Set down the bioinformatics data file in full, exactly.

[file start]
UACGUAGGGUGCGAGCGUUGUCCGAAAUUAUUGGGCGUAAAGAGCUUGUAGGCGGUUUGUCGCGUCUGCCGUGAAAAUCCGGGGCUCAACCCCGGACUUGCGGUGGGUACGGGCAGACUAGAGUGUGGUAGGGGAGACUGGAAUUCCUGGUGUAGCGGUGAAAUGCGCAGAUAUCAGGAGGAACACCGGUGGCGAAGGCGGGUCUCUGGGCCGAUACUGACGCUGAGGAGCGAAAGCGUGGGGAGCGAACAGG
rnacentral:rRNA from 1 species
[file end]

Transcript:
UACGUAGGGUGCGAGCGUUGUCCGAAAUUAUUGGGCGUAAAGAGCUUGUAGGCGGUUUGUCGCGUCUGCCGUGAAAAUCCGGGGCUCAACCCCGGACUUGCGGUGGGUACGGGCAGACUAGAGUGUGGUAGGGGAGACUGGAAUUCCUGGUGUAGCGGUGAAAUGCGCAGAUAUCAGGAGGAACACCGGUGGCGAAGGCGGGUCUCUGGGCCGAUACUGACGCUGAGGAGCGAAAGCGUGGGGAGCGAACAGG
rnacentral:rRNA from 1 species